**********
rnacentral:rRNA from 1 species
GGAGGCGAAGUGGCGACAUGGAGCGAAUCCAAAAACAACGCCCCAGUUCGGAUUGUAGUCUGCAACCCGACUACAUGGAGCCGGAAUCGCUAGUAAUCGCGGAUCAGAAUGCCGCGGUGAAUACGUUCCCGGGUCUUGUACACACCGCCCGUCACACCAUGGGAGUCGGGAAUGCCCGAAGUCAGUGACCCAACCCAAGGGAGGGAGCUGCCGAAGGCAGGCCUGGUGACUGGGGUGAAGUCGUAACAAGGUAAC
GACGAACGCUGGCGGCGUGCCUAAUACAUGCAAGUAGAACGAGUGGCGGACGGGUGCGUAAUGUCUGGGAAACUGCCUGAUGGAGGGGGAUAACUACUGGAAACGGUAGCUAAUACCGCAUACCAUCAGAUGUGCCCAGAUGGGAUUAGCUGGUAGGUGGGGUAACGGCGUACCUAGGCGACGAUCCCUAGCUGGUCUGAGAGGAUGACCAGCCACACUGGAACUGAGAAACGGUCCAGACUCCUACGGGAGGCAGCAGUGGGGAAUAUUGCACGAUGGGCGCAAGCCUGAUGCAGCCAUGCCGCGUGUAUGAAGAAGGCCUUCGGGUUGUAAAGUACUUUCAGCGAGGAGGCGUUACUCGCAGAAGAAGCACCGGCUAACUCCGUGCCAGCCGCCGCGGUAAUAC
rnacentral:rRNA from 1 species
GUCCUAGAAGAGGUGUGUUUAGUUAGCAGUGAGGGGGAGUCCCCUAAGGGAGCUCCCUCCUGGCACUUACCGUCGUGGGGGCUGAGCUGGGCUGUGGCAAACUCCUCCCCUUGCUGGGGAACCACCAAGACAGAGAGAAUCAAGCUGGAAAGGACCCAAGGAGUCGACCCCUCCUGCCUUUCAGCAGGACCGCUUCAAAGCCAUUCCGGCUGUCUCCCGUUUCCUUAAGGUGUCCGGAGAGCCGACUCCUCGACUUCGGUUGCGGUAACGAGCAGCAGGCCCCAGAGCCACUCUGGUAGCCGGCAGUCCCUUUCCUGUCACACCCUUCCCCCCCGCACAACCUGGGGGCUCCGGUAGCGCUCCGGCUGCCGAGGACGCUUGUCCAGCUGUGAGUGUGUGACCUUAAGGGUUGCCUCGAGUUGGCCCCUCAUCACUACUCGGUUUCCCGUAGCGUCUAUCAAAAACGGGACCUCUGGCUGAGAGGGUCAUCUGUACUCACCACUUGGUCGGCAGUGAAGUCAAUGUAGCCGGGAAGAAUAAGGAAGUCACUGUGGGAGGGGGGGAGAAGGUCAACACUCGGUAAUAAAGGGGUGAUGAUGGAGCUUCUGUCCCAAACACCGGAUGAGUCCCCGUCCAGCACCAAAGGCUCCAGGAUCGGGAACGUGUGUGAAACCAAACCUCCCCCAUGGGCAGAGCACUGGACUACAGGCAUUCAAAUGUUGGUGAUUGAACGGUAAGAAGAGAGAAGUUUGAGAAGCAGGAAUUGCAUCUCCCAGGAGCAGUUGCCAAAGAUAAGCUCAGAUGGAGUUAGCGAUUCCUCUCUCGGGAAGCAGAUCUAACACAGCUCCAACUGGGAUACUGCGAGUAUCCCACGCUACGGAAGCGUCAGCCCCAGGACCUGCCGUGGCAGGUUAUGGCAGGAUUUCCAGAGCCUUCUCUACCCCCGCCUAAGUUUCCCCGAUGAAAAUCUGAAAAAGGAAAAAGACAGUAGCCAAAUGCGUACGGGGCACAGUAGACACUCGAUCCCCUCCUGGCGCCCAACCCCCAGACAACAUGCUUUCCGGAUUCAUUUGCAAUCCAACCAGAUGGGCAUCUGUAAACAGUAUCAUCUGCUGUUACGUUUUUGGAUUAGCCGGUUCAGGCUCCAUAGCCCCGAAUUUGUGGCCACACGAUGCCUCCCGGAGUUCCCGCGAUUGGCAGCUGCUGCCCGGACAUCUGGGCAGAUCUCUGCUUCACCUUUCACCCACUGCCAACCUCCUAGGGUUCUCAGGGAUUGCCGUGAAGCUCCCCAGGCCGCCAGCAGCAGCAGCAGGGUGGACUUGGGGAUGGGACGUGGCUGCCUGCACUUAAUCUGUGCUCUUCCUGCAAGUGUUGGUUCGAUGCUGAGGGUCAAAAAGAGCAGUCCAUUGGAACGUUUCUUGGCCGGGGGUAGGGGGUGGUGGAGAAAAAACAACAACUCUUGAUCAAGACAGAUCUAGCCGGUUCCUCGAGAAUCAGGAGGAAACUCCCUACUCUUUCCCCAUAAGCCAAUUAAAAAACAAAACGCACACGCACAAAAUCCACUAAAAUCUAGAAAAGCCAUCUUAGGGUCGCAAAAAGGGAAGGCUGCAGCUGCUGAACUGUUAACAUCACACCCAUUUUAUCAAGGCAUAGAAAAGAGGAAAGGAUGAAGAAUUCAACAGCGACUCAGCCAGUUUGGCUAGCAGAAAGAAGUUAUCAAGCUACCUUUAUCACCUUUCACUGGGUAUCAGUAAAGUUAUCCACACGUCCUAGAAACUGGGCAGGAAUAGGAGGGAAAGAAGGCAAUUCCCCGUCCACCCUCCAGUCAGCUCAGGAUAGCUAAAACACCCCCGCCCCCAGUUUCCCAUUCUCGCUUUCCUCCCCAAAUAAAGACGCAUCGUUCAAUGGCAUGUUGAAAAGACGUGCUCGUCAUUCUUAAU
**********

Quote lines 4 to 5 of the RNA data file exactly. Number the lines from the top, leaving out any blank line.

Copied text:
rnacentral:rRNA from 1 species
GUCCUAGAAGAGGUGUGUUUAGUUAGCAGUGAGGGGGAGUCCCCUAAGGGAGCUCCCUCCUGGCACUUACCGUCGUGGGGGCUGAGCUGGGCUGUGGCAAACUCCUCCCCUUGCUGGGGAACCACCAAGACAGAGAGAAUCAAGCUGGAAAGGACCCAAGGAGUCGACCCCUCCUGCCUUUCAGCAGGACCGCUUCAAAGCCAUUCCGGCUGUCUCCCGUUUCCUUAAGGUGUCCGGAGAGCCGACUCCUCGACUUCGGUUGCGGUAACGAGCAGCAGGCCCCAGAGCCACUCUGGUAGCCGGCAGUCCCUUUCCUGUCACACCCUUCCCCCCCGCACAACCUGGGGGCUCCGGUAGCGCUCCGGCUGCCGAGGACGCUUGUCCAGCUGUGAGUGUGUGACCUUAAGGGUUGCCUCGAGUUGGCCCCUCAUCACUACUCGGUUUCCCGUAGCGUCUAUCAAAAACGGGACCUCUGGCUGAGAGGGUCAUCUGUACUCACCACUUGGUCGGCAGUGAAGUCAAUGUAGCCGGGAAGAAUAAGGAAGUCACUGUGGGAGGGGGGGAGAAGGUCAACACUCGGUAAUAAAGGGGUGAUGAUGGAGCUUCUGUCCCAAACACCGGAUGAGUCCCCGUCCAGCACCAAAGGCUCCAGGAUCGGGAACGUGUGUGAAACCAAACCUCCCCCAUGGGCAGAGCACUGGACUACAGGCAUUCAAAUGUUGGUGAUUGAACGGUAAGAAGAGAGAAGUUUGAGAAGCAGGAAUUGCAUCUCCCAGGAGCAGUUGCCAAAGAUAAGCUCAGAUGGAGUUAGCGAUUCCUCUCUCGGGAAGCAGAUCUAACACAGCUCCAACUGGGAUACUGCGAGUAUCCCACGCUACGGAAGCGUCAGCCCCAGGACCUGCCGUGGCAGGUUAUGGCAGGAUUUCCAGAGCCUUCUCUACCCCCGCCUAAGUUUCCCCGAUGAAAAUCUGAAAAAGGAAAAAGACAGUAGCCAAAUGCGUACGGGGCACAGUAGACACUCGAUCCCCUCCUGGCGCCCAACCCCCAGACAACAUGCUUUCCGGAUUCAUUUGCAAUCCAACCAGAUGGGCAUCUGUAAACAGUAUCAUCUGCUGUUACGUUUUUGGAUUAGCCGGUUCAGGCUCCAUAGCCCCGAAUUUGUGGCCACACGAUGCCUCCCGGAGUUCCCGCGAUUGGCAGCUGCUGCCCGGACAUCUGGGCAGAUCUCUGCUUCACCUUUCACCCACUGCCAACCUCCUAGGGUUCUCAGGGAUUGCCGUGAAGCUCCCCAGGCCGCCAGCAGCAGCAGCAGGGUGGACUUGGGGAUGGGACGUGGCUGCCUGCACUUAAUCUGUGCUCUUCCUGCAAGUGUUGGUUCGAUGCUGAGGGUCAAAAAGAGCAGUCCAUUGGAACGUUUCUUGGCCGGGGGUAGGGGGUGGUGGAGAAAAAACAACAACUCUUGAUCAAGACAGAUCUAGCCGGUUCCUCGAGAAUCAGGAGGAAACUCCCUACUCUUUCCCCAUAAGCCAAUUAAAAAACAAAACGCACACGCACAAAAUCCACUAAAAUCUAGAAAAGCCAUCUUAGGGUCGCAAAAAGGGAAGGCUGCAGCUGCUGAACUGUUAACAUCACACCCAUUUUAUCAAGGCAUAGAAAAGAGGAAAGGAUGAAGAAUUCAACAGCGACUCAGCCAGUUUGGCUAGCAGAAAGAAGUUAUCAAGCUACCUUUAUCACCUUUCACUGGGUAUCAGUAAAGUUAUCCACACGUCCUAGAAACUGGGCAGGAAUAGGAGGGAAAGAAGGCAAUUCCCCGUCCACCCUCCAGUCAGCUCAGGAUAGCUAAAACACCCCCGCCCCCAGUUUCCCAUUCUCGCUUUCCUCCCCAAAUAAAGACGCAUCGUUCAAUGGCAUGUUGAAAAGACGUGCUCGUCAUUCUUAAU